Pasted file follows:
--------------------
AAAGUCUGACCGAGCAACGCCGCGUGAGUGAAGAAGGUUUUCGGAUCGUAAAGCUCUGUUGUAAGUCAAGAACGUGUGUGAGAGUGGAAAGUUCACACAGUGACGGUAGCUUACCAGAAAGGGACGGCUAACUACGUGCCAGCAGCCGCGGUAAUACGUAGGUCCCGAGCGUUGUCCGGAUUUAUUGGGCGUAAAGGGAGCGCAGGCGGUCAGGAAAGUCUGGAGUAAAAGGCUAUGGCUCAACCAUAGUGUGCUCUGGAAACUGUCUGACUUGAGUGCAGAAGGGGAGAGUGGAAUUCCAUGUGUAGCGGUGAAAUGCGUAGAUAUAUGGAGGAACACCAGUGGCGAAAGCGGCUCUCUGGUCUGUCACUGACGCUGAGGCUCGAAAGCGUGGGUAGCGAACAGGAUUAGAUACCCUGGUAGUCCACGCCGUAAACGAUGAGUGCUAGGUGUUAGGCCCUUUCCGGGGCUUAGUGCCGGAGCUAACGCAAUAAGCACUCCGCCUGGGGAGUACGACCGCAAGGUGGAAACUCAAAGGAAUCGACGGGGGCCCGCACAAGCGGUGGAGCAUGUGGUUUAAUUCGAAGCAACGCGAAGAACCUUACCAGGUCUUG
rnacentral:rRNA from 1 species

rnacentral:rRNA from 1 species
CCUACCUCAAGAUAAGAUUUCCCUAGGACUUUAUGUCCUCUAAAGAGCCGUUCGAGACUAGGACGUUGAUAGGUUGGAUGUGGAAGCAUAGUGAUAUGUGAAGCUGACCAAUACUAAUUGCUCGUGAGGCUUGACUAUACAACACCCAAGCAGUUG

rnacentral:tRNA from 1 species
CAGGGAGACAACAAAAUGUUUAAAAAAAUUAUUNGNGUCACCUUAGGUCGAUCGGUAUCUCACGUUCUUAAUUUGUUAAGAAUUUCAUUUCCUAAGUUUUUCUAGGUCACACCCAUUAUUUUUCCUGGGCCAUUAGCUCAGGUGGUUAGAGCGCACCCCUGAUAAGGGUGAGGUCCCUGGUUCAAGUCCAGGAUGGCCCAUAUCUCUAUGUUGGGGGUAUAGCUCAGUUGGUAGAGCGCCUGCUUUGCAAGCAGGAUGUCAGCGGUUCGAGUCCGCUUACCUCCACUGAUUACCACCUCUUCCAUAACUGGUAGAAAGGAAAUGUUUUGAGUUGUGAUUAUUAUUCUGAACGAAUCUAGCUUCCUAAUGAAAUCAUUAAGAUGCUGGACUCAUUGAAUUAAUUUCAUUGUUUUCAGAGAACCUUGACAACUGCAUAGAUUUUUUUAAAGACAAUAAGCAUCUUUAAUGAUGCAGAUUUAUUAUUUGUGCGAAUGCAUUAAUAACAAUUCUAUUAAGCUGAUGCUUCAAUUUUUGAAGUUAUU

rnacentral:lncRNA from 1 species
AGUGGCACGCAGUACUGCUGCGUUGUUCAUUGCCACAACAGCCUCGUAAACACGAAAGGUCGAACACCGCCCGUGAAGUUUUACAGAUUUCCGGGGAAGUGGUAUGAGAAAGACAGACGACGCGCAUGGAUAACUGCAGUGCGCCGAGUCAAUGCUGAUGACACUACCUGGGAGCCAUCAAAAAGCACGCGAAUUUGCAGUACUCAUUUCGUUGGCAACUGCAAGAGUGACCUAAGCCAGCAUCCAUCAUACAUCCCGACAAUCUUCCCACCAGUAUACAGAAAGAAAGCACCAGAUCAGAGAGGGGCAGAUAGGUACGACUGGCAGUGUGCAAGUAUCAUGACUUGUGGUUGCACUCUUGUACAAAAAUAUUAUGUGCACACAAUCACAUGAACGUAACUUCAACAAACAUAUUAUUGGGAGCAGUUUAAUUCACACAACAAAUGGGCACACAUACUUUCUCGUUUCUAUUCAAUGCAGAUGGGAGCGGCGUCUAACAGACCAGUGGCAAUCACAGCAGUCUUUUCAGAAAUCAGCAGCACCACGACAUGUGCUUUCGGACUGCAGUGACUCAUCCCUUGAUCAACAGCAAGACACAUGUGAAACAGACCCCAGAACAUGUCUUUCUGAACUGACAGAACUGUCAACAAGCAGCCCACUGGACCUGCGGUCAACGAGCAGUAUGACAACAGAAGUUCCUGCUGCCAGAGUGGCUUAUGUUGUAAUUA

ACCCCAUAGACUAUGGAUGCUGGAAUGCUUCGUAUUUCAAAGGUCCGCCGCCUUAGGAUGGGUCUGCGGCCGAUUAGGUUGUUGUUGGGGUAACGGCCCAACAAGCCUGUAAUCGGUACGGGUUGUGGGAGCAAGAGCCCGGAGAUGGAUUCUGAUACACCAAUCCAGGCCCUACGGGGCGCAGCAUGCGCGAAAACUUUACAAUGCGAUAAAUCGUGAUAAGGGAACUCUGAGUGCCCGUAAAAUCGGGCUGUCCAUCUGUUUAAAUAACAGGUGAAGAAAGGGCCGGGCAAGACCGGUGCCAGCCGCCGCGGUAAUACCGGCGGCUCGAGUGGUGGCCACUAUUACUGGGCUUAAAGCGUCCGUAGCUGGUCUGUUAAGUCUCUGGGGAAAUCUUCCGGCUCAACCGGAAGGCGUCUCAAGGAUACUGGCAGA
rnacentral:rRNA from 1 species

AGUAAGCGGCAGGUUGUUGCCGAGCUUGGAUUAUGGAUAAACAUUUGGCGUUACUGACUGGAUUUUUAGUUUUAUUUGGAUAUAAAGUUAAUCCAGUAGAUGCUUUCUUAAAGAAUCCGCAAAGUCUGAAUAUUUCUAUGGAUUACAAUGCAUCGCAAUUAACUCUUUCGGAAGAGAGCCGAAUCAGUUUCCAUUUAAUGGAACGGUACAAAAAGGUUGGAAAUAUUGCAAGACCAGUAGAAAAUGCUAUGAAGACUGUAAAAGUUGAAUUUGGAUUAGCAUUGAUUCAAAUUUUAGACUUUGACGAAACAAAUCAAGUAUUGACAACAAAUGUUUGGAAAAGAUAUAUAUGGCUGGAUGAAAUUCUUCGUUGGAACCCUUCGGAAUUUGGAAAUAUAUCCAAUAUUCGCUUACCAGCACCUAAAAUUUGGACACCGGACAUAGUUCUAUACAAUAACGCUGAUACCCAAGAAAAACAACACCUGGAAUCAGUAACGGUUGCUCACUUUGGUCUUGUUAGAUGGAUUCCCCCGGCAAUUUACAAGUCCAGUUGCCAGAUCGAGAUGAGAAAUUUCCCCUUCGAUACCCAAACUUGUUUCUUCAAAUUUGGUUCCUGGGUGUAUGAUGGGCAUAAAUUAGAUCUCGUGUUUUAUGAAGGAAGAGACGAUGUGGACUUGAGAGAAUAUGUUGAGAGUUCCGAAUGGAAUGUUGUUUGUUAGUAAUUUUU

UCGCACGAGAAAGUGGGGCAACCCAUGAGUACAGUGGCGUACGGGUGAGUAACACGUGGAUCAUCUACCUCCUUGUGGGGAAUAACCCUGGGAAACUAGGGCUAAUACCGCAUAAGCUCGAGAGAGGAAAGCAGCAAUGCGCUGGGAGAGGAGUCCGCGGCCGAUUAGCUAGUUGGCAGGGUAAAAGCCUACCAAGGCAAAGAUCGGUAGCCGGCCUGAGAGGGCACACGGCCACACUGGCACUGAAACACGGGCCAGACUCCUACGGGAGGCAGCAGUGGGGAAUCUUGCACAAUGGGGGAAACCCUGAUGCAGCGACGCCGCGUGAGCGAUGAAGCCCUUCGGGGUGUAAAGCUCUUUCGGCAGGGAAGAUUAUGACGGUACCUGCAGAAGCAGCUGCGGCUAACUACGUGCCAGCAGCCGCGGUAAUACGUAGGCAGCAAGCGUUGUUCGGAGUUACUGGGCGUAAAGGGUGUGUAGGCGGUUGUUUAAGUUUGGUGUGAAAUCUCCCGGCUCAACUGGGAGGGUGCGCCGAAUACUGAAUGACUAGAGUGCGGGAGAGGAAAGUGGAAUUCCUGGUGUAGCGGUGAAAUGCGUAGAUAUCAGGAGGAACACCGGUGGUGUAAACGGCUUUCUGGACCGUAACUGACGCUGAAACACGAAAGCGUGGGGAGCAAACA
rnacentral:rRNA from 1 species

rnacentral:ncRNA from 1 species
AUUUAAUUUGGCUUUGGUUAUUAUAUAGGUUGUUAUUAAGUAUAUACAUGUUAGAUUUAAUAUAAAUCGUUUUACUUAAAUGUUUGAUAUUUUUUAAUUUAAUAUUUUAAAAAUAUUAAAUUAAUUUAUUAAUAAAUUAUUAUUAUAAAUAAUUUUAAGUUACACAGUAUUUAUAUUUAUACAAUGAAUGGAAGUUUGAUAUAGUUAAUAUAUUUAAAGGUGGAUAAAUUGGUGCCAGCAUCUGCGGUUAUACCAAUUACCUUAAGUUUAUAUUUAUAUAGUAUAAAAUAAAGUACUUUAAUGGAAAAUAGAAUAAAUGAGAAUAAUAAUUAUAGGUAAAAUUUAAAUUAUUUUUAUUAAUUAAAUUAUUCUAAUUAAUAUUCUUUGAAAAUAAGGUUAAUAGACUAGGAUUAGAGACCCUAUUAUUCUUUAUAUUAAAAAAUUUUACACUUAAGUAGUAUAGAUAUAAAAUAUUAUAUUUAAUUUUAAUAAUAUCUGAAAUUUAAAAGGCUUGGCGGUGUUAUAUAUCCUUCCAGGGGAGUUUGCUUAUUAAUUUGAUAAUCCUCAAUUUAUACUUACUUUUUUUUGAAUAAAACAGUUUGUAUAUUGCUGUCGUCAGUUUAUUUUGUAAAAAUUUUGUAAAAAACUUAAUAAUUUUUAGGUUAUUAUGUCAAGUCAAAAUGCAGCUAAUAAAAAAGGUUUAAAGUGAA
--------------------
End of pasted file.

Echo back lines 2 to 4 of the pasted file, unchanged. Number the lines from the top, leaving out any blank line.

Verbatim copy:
rnacentral:rRNA from 1 species

rnacentral:rRNA from 1 species
CCUACCUCAAGAUAAGAUUUCCCUAGGACUUUAUGUCCUCUAAAGAGCCGUUCGAGACUAGGACGUUGAUAGGUUGGAUGUGGAAGCAUAGUGAUAUGUGAAGCUGACCAAUACUAAUUGCUCGUGAGGCUUGACUAUACAACACCCAAGCAGUUG